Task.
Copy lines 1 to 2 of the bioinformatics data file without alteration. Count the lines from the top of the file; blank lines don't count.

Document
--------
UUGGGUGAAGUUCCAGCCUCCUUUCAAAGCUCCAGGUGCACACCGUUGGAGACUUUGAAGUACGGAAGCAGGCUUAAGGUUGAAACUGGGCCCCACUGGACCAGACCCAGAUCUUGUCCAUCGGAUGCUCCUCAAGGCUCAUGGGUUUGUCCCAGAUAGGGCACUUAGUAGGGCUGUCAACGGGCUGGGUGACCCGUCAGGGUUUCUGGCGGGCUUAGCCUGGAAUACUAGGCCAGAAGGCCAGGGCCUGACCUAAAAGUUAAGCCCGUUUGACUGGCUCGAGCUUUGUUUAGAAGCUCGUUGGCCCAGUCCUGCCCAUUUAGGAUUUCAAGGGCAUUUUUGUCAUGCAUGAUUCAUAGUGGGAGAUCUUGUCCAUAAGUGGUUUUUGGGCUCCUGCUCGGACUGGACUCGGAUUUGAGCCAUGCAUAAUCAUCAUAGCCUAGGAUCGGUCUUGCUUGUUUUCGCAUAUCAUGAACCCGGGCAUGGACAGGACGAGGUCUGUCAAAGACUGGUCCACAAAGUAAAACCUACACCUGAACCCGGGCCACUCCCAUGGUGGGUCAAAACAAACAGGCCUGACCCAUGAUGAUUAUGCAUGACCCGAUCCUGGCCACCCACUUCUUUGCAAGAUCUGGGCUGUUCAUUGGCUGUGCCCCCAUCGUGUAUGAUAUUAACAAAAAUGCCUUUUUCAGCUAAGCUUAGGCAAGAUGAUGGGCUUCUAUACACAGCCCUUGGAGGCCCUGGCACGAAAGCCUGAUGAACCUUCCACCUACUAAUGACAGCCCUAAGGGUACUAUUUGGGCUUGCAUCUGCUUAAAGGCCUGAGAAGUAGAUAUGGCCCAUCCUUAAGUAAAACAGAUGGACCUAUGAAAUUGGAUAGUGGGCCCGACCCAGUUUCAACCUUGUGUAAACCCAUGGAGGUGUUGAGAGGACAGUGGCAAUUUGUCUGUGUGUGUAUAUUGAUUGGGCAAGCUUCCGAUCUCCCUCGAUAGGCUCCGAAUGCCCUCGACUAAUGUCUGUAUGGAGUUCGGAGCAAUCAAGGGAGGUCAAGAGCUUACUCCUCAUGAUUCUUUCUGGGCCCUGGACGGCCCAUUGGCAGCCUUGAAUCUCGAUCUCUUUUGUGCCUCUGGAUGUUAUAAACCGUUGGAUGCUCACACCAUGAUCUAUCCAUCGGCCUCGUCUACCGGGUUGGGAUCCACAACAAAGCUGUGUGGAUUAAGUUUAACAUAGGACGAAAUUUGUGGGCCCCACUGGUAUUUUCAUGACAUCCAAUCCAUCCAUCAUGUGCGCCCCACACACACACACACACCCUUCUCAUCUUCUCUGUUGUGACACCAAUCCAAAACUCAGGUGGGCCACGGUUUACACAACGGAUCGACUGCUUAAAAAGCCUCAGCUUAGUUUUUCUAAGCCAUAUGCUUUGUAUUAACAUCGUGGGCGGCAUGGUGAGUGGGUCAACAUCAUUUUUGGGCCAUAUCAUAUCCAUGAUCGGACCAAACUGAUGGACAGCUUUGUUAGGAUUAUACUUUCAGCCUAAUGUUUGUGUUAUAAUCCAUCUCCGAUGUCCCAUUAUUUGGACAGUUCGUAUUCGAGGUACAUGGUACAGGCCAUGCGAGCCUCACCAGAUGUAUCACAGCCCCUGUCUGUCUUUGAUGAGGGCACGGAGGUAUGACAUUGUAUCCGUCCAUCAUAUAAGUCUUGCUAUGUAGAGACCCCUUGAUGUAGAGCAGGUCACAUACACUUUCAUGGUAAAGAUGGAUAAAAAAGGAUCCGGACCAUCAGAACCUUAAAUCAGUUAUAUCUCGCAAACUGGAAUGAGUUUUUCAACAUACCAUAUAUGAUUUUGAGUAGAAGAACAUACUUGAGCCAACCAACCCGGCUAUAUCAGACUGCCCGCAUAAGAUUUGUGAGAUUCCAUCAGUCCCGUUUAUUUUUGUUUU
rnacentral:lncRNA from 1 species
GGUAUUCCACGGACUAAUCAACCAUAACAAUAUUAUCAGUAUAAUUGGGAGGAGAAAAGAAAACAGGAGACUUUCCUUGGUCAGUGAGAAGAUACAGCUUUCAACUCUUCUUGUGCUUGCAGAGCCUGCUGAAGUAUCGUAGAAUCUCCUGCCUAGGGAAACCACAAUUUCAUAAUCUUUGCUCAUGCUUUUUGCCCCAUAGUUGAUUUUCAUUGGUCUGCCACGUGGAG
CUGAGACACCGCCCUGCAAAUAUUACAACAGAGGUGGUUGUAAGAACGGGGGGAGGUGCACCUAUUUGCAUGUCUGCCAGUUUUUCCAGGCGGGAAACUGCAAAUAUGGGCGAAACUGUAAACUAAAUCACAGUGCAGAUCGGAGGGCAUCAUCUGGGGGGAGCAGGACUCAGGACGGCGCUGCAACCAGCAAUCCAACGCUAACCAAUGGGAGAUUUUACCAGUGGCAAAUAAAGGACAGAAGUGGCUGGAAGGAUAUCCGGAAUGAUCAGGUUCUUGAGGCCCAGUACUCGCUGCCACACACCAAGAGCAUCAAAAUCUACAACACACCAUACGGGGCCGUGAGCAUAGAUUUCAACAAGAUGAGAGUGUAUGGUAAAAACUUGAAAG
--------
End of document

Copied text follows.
UUGGGUGAAGUUCCAGCCUCCUUUCAAAGCUCCAGGUGCACACCGUUGGAGACUUUGAAGUACGGAAGCAGGCUUAAGGUUGAAACUGGGCCCCACUGGACCAGACCCAGAUCUUGUCCAUCGGAUGCUCCUCAAGGCUCAUGGGUUUGUCCCAGAUAGGGCACUUAGUAGGGCUGUCAACGGGCUGGGUGACCCGUCAGGGUUUCUGGCGGGCUUAGCCUGGAAUACUAGGCCAGAAGGCCAGGGCCUGACCUAAAAGUUAAGCCCGUUUGACUGGCUCGAGCUUUGUUUAGAAGCUCGUUGGCCCAGUCCUGCCCAUUUAGGAUUUCAAGGGCAUUUUUGUCAUGCAUGAUUCAUAGUGGGAGAUCUUGUCCAUAAGUGGUUUUUGGGCUCCUGCUCGGACUGGACUCGGAUUUGAGCCAUGCAUAAUCAUCAUAGCCUAGGAUCGGUCUUGCUUGUUUUCGCAUAUCAUGAACCCGGGCAUGGACAGGACGAGGUCUGUCAAAGACUGGUCCACAAAGUAAAACCUACACCUGAACCCGGGCCACUCCCAUGGUGGGUCAAAACAAACAGGCCUGACCCAUGAUGAUUAUGCAUGACCCGAUCCUGGCCACCCACUUCUUUGCAAGAUCUGGGCUGUUCAUUGGCUGUGCCCCCAUCGUGUAUGAUAUUAACAAAAAUGCCUUUUUCAGCUAAGCUUAGGCAAGAUGAUGGGCUUCUAUACACAGCCCUUGGAGGCCCUGGCACGAAAGCCUGAUGAACCUUCCACCUACUAAUGACAGCCCUAAGGGUACUAUUUGGGCUUGCAUCUGCUUAAAGGCCUGAGAAGUAGAUAUGGCCCAUCCUUAAGUAAAACAGAUGGACCUAUGAAAUUGGAUAGUGGGCCCGACCCAGUUUCAACCUUGUGUAAACCCAUGGAGGUGUUGAGAGGACAGUGGCAAUUUGUCUGUGUGUGUAUAUUGAUUGGGCAAGCUUCCGAUCUCCCUCGAUAGGCUCCGAAUGCCCUCGACUAAUGUCUGUAUGGAGUUCGGAGCAAUCAAGGGAGGUCAAGAGCUUACUCCUCAUGAUUCUUUCUGGGCCCUGGACGGCCCAUUGGCAGCCUUGAAUCUCGAUCUCUUUUGUGCCUCUGGAUGUUAUAAACCGUUGGAUGCUCACACCAUGAUCUAUCCAUCGGCCUCGUCUACCGGGUUGGGAUCCACAACAAAGCUGUGUGGAUUAAGUUUAACAUAGGACGAAAUUUGUGGGCCCCACUGGUAUUUUCAUGACAUCCAAUCCAUCCAUCAUGUGCGCCCCACACACACACACACACCCUUCUCAUCUUCUCUGUUGUGACACCAAUCCAAAACUCAGGUGGGCCACGGUUUACACAACGGAUCGACUGCUUAAAAAGCCUCAGCUUAGUUUUUCUAAGCCAUAUGCUUUGUAUUAACAUCGUGGGCGGCAUGGUGAGUGGGUCAACAUCAUUUUUGGGCCAUAUCAUAUCCAUGAUCGGACCAAACUGAUGGACAGCUUUGUUAGGAUUAUACUUUCAGCCUAAUGUUUGUGUUAUAAUCCAUCUCCGAUGUCCCAUUAUUUGGACAGUUCGUAUUCGAGGUACAUGGUACAGGCCAUGCGAGCCUCACCAGAUGUAUCACAGCCCCUGUCUGUCUUUGAUGAGGGCACGGAGGUAUGACAUUGUAUCCGUCCAUCAUAUAAGUCUUGCUAUGUAGAGACCCCUUGAUGUAGAGCAGGUCACAUACACUUUCAUGGUAAAGAUGGAUAAAAAAGGAUCCGGACCAUCAGAACCUUAAAUCAGUUAUAUCUCGCAAACUGGAAUGAGUUUUUCAACAUACCAUAUAUGAUUUUGAGUAGAAGAACAUACUUGAGCCAACCAACCCGGCUAUAUCAGACUGCCCGCAUAAGAUUUGUGAGAUUCCAUCAGUCCCGUUUAUUUUUGUUUU
rnacentral:lncRNA from 1 species